The Rev’d. Dr. Alcuin Reid, Liturgical Scholar and Author.
Nicholas Richardson, Warden of Greyfriars Hall, Oxford.
Prof. Jonathan Riley-Smith, retired Dixie Professor of Ecclesiastical History, Cambridge University.
Fr. John Saward, Lisieux Senior Research Fellow in Theology, Greyfriars, Oxford University.
Dr. Joseph Shaw. Tutorial Fellow in Philosophy, St. Benet’s Hall, Oxford University.
Damien Thompson, Editor-in-Chief, The Catholic Herald.
This post was published on Wednesday, February 7th, 2007 7:06 pm. It has been categorised under Church Great Britain Latin Mass.
Comments
  1. Matt S.
    8 February 2007
    11:56 pm

    I’m an Anglican and so don’t really have a dog in this fight — except, I suppose, as someone who finds himself in the midst of Western Civilization during its death throes.

    That said (and I ask honestly for clarification), if the move to change the Mass went through the proper channels and such, and the Pope signed off on it, why would good Romanists who really believe in authority issue such a plea?

    I’ll stick with the Book of Common Prayer, thank you very much. Though I do wonder how long that will last — since 1928, at the least, its been messed around with too much for my liking. Interestingly, most of my Papists friends do confess they are jealous of the Anglican liturgy I experience every Sunday…though not much else.

  2. matt
    9 February 2007
    1:28 am

    Eamon Duffy? Where is his name?

    Just curious,

    Matt

  3. 9 February 2007
    8:10 am

    That said (and I ask honestly for clarification), if the move to change the Mass went through the proper channels and such, and the Pope signed off on it, why would good Romanists who really believe in authority issue such a plea?

    Ah, you misunderstand Catholicism. We do not believe that everything the Pope does is right or that the Pope can do no wrong, we merely believe that the Holy Spirit protects him from proclaiming truth as error when speaking ex cathedra on matters of faith and morals. Liturgy is a matter of form, not one of doctrine, though obviously the form ought to reinforce and reflect and display the teachings of the Church.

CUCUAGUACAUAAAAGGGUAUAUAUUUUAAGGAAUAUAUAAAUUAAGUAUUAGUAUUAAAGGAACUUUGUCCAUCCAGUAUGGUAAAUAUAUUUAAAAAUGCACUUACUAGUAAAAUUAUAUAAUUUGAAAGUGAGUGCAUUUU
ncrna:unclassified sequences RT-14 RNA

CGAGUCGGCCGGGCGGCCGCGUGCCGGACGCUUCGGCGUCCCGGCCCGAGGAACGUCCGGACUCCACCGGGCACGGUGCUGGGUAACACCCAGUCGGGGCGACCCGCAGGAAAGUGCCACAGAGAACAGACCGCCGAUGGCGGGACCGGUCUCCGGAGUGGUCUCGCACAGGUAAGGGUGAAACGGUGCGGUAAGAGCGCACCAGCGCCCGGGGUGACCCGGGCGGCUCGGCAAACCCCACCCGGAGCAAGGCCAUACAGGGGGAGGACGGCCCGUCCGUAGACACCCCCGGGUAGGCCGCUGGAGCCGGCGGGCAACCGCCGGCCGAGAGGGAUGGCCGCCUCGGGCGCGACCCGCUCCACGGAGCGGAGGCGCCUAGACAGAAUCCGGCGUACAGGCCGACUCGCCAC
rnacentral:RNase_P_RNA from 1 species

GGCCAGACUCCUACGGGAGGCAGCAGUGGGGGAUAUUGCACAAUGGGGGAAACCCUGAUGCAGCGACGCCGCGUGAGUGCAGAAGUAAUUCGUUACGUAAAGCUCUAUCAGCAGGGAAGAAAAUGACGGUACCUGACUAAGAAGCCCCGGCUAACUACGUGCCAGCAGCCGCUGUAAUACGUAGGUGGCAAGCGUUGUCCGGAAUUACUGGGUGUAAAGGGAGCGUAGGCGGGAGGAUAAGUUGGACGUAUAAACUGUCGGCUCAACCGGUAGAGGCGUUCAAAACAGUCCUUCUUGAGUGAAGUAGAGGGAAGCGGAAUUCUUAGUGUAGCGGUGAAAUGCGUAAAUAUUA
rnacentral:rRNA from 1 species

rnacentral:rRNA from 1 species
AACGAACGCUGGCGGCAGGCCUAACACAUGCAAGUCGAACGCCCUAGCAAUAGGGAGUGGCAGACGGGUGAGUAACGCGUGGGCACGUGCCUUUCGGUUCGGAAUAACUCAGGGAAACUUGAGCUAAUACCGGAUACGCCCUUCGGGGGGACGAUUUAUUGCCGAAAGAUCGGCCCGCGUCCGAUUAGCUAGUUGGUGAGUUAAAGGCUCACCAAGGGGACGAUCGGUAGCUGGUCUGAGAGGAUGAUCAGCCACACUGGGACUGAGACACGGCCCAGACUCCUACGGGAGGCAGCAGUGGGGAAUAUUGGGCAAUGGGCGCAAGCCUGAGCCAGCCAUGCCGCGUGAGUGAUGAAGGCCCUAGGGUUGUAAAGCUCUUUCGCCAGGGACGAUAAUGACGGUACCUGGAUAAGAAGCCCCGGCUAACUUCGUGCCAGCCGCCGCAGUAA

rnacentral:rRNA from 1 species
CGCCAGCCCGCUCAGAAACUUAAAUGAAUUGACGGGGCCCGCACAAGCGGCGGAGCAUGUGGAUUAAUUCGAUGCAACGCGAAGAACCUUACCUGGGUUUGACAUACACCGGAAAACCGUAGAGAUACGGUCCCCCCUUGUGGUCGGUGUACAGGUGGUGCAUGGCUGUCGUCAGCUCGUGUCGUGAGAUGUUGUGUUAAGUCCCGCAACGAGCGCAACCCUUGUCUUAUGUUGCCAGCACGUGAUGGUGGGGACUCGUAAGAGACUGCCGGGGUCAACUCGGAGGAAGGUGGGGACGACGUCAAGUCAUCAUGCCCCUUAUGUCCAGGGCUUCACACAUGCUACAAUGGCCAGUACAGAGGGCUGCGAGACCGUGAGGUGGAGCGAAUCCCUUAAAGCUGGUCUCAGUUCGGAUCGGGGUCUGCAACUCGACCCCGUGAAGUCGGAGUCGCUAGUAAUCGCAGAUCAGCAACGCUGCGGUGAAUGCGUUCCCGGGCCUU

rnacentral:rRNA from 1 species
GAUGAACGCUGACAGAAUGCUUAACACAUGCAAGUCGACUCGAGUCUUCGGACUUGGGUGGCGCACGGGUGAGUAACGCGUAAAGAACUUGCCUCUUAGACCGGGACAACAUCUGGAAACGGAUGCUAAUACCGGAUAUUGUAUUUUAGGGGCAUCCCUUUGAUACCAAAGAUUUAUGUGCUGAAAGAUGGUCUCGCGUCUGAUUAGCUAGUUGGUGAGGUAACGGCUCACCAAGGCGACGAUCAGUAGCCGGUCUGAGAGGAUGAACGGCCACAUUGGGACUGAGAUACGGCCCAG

Interestingly, most of my Papists friends do confess they are jealous of the Anglican liturgy I experience every Sunday…though not much else.

    And rightly so, when it is done properly, but then not rightly so when Catholic liturgy is done properly. I have attended an Anglican-use Catholic Mass at the High Altar of one of the grandest churches in Manhattan, and, glorious though it was, it still just isn’t as good as the Tridentine rite.

    Eamon Duffy? Where is his name?

    Yes, there are a lot of names I would expect to see there that aren’t. I wonder if they just weren’t contacted, which would be a shame.

  4. Matt S.
    9 February 2007
    9:59 am

    Andrew,

    You answered what I was after, i.e. did the liturgy fall under faith and morals. I’m not a dunce and know that “whatever the Pope says” is not “infallible.”

    Though I might have known the answer to this had I not been at a *Jesuit* University for the last three years. A little orthodoxy might have done me some good?